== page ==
Prayut promises Thai elections in November 2018


Some sceptical about new date, saying it is a ploy to ease pressure

Thailand will hold elections in November next year, Thai Prime Minister Prayut Chan-o-cha said in his most specific comment on the subject, more than three years after the former army chief staged a coup in May 2014.

But the latest date was viewed with caution, given how often Mr Prayut had indicated a date only to push it back.

"Around June, we will announce the date for the next election," he told reporters after a Cabinet meeting at Government House in Bangkok yesterday. "In November, we will have an election."

Mr Prayut gave the new date following much criticism over a possible further delay in elections.

A joint US-Thai statement issued during his recent trip to the United States mentioned a "free and fair election in 2018".

Deputy Premier Prawit Wongsuwan, however, said Mr Prayut only promised to announce the election date in 2018, meaning polls might be held only in 2019.

"He is saying this to release the pressure on him now," political activist Weng Tojirakarn of the United Front for Democracy Against Dictatorship (UDD) told The Straits Times.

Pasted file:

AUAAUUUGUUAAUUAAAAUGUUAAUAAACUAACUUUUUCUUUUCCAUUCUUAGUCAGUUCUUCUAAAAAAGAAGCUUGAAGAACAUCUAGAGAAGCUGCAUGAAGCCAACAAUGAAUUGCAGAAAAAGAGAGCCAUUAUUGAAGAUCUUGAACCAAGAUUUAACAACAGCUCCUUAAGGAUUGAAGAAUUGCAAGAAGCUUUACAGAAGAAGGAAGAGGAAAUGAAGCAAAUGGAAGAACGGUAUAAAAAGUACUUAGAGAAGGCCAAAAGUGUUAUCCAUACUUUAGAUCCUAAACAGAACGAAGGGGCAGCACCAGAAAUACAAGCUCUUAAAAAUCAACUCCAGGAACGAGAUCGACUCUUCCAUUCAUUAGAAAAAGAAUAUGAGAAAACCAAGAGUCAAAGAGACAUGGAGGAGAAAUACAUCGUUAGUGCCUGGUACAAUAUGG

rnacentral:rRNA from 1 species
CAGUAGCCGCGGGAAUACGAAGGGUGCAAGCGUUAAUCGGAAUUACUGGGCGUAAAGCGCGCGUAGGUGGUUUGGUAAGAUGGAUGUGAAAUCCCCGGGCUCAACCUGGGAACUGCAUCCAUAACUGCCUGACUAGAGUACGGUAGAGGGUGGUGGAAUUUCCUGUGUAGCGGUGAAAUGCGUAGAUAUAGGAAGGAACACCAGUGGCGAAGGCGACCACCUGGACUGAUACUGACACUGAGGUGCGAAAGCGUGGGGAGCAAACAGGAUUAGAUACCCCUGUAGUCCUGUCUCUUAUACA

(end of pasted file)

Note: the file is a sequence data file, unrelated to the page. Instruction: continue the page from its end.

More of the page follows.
Around June, we will announce the date for the next election. In November, we will have an election.

PRIME MINISTER PRAYUT CHAN-O-CHA. He gave the new date following much criticism over a possible further delay in elections.

Many UDD activists, also called "red shirts", support the Puea Thai party, which was ousted from government in the coup. Puea Thai and its previous iterations have won every single election for over a decade.

But a role in politics is now ruled out for former prime minister Yingluck Shinawatra. She fled overseas in August, just before a court ruled that she had been negligent in her government's handling of a multibillion-dollar rice subsidy scheme and sentenced her to five years in jail, in absentia.

Her brother, Thaksin Shinawatra, was also ousted in a coup when he was prime minister in 2006. He now lives abroad to evade a graft-related jail sentence. He remains influential in Puea Thai, and is active on social media.

On Monday, after newly appointed Attorney-General Khemchai Chutiwong said his office would prosecute Thaksin for lese majeste, the former leader declared on Twitter that he would take legal action against anyone who accused him of the crime.

Political activity remains banned in the kingdom. Thais are now preparing for the cremation of the late King Bhumibol Adulyadej, whose body has been lying in state since his death on Oct 13 last year.

But the enactment of a new Constitution on April 6 - even with clauses that would extend military influence and limit the power of large parties like Puea Thai - has raised expectations that the ruling junta will soon make way for an elected government.

A version of this article appeared in the print edition of The Straits Times on October 11, 2017, with the headline 'Prayut promises Thai elections in November 2018'. Print Edition | Subscribe